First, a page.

At the Meaningful PE Symposium this past May, Dr. Justen O’Connor outlined a compelling contrast between formal and informal sport during one of the most thought provoking presentations in recent memory. In formal sport, decisions are largely made by governing bodies, who (using cross country running as an example) decide on how students should be grouped (by age and gender) and which distance they should run. Whereas in informal sport, decisions are largely made by participants who might decide which route they run, when they want to run, or consider which route will allow group participation. This is an oversimplification of Dr. O’Connor’s presentation, but wished to give credit where it is certainly due. The purpose of this blog is to summarise how our MS department has attempted to apply these ideas through the lens of MPE.
Our school has a rich tradition of formal running (i.e. Cross Country) and boasts a number of provincial championships. Traditionally, the Middle School (Grade 7-9) PE program has aimed to connect kids with these formal sport opportunities. In PE classes, students previously trained for an in-school meet where they would run the distance that was assigned to their age/gender by our governing body. The top students from that meet are invited to divisionals, to zones and so on. While formal sport is certainly meaningful to some students, over the past few years we’ve recognized that this is not necessarily inclusive or engaging of all students. Should a PE program be devoted to leading students towards formal sport participation that is unable to include all of them? In our Elementary School, attempts to reconcile this dilemna has led to the creation of a Who We Are Outdoors unit, as an attempt to help students find more meaning in the outdoors by exploring other activities besides running. We have been reluctant to take a similar approach with the Middle School, because we still see running as an activity that students can participate in across their lifespan. But, how can we do that in a way that is more meaningful to all students? Fortunately, one of many beautiful things about the MPE framework, is there is not only one way to apply it.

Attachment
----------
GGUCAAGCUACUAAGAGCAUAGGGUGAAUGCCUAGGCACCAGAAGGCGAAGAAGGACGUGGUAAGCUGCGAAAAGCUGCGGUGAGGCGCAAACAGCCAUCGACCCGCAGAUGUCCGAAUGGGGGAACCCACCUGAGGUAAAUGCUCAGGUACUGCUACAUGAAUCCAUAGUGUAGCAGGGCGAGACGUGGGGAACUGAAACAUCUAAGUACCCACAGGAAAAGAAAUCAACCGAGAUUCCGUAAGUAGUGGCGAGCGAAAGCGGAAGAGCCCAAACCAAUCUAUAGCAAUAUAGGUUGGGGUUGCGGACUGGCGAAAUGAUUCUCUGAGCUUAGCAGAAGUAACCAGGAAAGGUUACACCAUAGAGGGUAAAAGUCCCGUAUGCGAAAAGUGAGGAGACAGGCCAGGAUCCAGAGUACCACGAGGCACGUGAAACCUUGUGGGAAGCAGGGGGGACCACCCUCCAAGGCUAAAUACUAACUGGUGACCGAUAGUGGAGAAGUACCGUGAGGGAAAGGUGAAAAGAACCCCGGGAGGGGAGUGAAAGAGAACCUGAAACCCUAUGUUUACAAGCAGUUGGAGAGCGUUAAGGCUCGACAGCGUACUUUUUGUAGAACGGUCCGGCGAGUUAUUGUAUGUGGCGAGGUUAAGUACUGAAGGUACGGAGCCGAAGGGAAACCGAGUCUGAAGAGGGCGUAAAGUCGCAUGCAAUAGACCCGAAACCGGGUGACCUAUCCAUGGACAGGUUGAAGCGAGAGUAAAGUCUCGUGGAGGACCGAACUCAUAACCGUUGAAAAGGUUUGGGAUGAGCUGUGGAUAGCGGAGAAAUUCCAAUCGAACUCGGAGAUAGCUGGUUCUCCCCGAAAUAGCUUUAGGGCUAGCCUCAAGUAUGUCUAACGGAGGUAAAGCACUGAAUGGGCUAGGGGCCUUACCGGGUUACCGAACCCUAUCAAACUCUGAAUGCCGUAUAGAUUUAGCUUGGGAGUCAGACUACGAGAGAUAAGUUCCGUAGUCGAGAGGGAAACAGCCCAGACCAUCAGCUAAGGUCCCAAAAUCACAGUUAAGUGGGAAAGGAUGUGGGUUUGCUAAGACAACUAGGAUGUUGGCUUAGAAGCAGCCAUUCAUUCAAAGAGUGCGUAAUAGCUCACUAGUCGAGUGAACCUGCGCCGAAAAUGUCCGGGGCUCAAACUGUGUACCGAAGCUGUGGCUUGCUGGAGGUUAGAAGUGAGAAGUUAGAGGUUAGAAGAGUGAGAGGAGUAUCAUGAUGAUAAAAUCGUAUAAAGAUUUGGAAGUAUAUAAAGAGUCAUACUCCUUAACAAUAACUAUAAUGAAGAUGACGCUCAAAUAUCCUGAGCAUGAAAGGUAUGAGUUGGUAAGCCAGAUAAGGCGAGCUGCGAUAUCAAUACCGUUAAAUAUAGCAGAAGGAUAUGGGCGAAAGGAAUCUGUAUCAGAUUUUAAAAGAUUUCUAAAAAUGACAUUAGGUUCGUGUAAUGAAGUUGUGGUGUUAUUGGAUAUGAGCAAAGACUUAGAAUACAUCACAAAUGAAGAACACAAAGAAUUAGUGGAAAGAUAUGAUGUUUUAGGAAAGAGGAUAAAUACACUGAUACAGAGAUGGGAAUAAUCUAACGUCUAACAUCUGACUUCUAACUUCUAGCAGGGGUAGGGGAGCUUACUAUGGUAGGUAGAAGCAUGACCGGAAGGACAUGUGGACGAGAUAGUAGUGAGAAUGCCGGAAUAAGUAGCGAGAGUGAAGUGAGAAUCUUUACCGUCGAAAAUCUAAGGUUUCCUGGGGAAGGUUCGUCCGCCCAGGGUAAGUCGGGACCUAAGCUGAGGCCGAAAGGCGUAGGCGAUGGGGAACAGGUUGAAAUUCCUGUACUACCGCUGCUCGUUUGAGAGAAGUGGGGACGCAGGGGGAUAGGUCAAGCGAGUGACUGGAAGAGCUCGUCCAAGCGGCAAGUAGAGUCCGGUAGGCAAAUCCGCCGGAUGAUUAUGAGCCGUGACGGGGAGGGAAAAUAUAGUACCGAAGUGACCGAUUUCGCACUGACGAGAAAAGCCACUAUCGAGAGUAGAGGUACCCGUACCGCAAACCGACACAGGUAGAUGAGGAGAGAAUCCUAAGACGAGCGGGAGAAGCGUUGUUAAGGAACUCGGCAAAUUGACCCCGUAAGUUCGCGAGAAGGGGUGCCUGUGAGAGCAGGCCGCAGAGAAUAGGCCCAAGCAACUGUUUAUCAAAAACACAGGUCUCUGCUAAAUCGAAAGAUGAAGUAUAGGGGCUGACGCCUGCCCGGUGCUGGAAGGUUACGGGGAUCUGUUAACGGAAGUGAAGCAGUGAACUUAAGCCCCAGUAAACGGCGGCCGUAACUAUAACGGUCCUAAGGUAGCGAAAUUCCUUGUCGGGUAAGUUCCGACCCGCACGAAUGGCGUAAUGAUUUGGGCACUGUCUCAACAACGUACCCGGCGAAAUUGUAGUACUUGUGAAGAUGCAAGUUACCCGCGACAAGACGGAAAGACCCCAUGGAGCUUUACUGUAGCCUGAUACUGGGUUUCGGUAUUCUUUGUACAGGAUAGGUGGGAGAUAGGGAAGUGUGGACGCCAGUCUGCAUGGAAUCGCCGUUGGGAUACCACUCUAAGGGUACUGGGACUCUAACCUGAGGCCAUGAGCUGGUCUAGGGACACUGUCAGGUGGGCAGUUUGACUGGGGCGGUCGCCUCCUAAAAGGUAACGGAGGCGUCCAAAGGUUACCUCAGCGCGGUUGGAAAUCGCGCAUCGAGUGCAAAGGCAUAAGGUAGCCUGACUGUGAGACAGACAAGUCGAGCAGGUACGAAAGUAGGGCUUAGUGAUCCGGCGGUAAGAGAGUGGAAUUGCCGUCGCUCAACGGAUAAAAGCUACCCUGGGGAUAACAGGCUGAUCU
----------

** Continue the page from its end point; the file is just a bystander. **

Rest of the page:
We began by using the TARGET PE model as a way to reflect upon our previous approach to this unit. Not surprisingly, as we were heavily aligned with a formal sport offering, much of the unit design was ego-oriented. Task and authority were controlled tightly by the teacher (as influenced by the governing body), students had very little autonomy in the challenges they wished to pursue. Recognition was given to students based on rank, classes were grouped based on their formal sport designations (gender / age) and the timing of the unit was built around the formal sport calendar (i.e. ensuring our in school- -meet was done in time to get kids qualified for the divisional meet).
Looking to move forward, one of the first things we discussed as a group is “why”, why do we believe students should run? Not surprisingly, the answer really wasn’t about supporting formal sport or winning trophies - it was because we wanted students to challenge themselves. With that in mind, we wanted to be intentional about the unit, and specifically renamed it so - "challenge".
In our initial lessons, we presented our learning goal (below). Students began by running a short route, and self-assessing themselves based on a rate of perceived exertion. We discussed with students ‘how they knew’, and encouraged them to listen to their bodies. From there, we co-created the success criteria with students, by asking them at which point they felt they began to step outside their comfort zone. They identified that at about a ‘7’, they started to get a bit uncomfortable so that’s what we went with.
At different intervals, we would ask students to identify what it is they were struggling with most in relation to trail running (below). As we had two classes and two teacher's at the same time, we offered different ‘workshops’ to support students' needs.
For the main event, we transformed our traditional formal school meet, to appear more similar to a community running event. Students chose the distances they wished to run, and students were no longer grouped by grade or gender. We added in a relay option, where students would run 2km and then tag off with a friend. Rather than mass-starting runners where it becomes very evident who is last, we decided to wave or corral start. We removed placing / ranking as being a qualifier for our XC team so students could focus on their approach to challenge and not stress about how they might compare to others.